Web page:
5. ^ "Local council election results 2018 - in full". The Guardian. Retrieved 30 June 2019.
  6. ^ Volpe, Sam (22 June 2018). "Labour sweeps the board in delayed Willesden Green election". Brent & Kilburn Times. Retrieved 30 June 2019.
  7. ^ https://www.brent.gov.uk/your-council/about-brent-council/council-structure-and-how-we-work/the-cabinet/cllr-muhammed-butt-leader-of-the-council/
  8. ^ https://www.independent.co.uk/news/uk/london-europes-new-ethnic-melting-pot-1525506.html
  9. ^ https://www.independent.co.uk/money/digging-for-treasure-in-a-dustbin-it-may-be-the-most-boring-museum-in-the-world-full-of-the-1404155.html
  10. ^ Key Figures for 2001 Census: Census Area Statistics: Brent, neighbourhood.statistics.gov.uk; accessed 25 February 2009.
  11. ^ 2011 Census data, accessed 4 November 2013.
  12. ^ 2011 Census data
  13. ^ http://www.lawrs.org.uk/wp-content/uploads/2015/01/No-longer-invisible-the-LA-community-in-London-REPORT.pdf
  14. ^ https://www.onedome.com/locations/uk/england/london/brent
  15. ^ https://capitalwestlondon.co.uk/brent/
  16. ^ https://www.whatdotheyknow.com/request/492406/response/1187217/attach/html/5/Brent Council Controlling Migration Fund application.pdf.html
  17. ^ Brent profile by religious adherence, http://neighbourhood.statistics.gov.uk; accessed 7 December 2014.
  18. ^ https://www.thejc.com/news/uk-news/schools-to-expand-1.434349
  19. ^ "House of Commons - Female genital mutilation: abuse unchecked - Home Affairs Committee". publications.parliament.uk. Retrieved 9 November 2018.
  20. ^ "London areas have higher TB than Iraq". 27 October 2015. Retrieved 15 January 2019.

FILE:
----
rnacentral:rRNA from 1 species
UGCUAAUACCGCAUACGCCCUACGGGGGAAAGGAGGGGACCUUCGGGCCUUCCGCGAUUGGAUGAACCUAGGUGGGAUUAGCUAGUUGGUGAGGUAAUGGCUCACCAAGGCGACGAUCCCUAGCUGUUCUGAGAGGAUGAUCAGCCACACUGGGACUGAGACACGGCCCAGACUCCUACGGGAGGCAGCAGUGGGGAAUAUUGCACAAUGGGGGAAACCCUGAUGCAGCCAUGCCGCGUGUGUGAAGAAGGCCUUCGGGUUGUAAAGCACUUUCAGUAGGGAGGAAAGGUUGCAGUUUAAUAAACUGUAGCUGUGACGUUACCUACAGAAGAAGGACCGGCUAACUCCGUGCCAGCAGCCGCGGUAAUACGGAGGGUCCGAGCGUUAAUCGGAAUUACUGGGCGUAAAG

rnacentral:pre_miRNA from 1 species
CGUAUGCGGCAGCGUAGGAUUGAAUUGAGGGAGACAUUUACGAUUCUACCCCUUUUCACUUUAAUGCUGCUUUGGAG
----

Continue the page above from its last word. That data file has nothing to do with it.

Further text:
21. ^ "KS006 - Ethnic group". NOMIS. Retrieved 30 January 2016.
  22. ^ "Ethnic Group by measures". NOMIS. Retrieved 8 January 2016.
  23. ^ Climate Summary
  24. ^ "Brent, England: Monthly - Weather Averages Summary". Weatherbase. CantyMedia. 2016. Retrieved December 2014. Check date values in: |accessdate= (help)
  25. ^ "Diageo Contacts." Diageo. Retrieved on 1 September 2011. "Diageo plc Lakeside Drive Park Royal London NW107HQ"
  26. ^ "Brent Boundary (approximate) Archived 1 February 2012 at the Wayback Machine." London Borough of Brent. Retrieved on 1 September 2011.
  27. ^ a b Dunkley, Jamie. "Drinks maker Diageo to close London office", The Daily Telegraph, 20 March 2009; retrieved 1 September 2011.
  28. ^ Innes, John. "Guinness closes UK brewery", The Scotsman. 16 April 2004; retrieved 1 September 2011.
  29. ^ Thousands of Brent children in severe poverty, harrowobserver.co.uk; accessed 7 December 2014.
  30. ^ Brent Government. "Brent Responsible Growth Strategy (RGS): Economy 2018-2038". Retrieved 7 July 2019.
  31. ^ a b "Mass sign-up to London recycling scheme". BBC News (UK, England). 2 August 2008. Retrieved 29 March 2015.
  32. ^ a b c London Fire Brigade - Brent Profile, london-fire.gov.uk; accessed 7 December 2014.
  33. ^ "2011 Census: QS701EW Method of travel to work, local authorities in England and Wales". Office for National Statistics. Retrieved 23 November 2013. Percentages are of all residents aged 16-74 including those not in employment. Respondents could only select one mode.

External linksEdit